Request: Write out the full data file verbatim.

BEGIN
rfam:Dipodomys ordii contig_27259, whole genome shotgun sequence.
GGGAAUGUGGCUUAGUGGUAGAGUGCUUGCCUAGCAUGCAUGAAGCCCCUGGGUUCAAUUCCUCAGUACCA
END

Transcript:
rfam:Dipodomys ordii contig_27259, whole genome shotgun sequence.
GGGAAUGUGGCUUAGUGGUAGAGUGCUUGCCUAGCAUGCAUGAAGCCCCUGGGUUCAAUUCCUCAGUACCA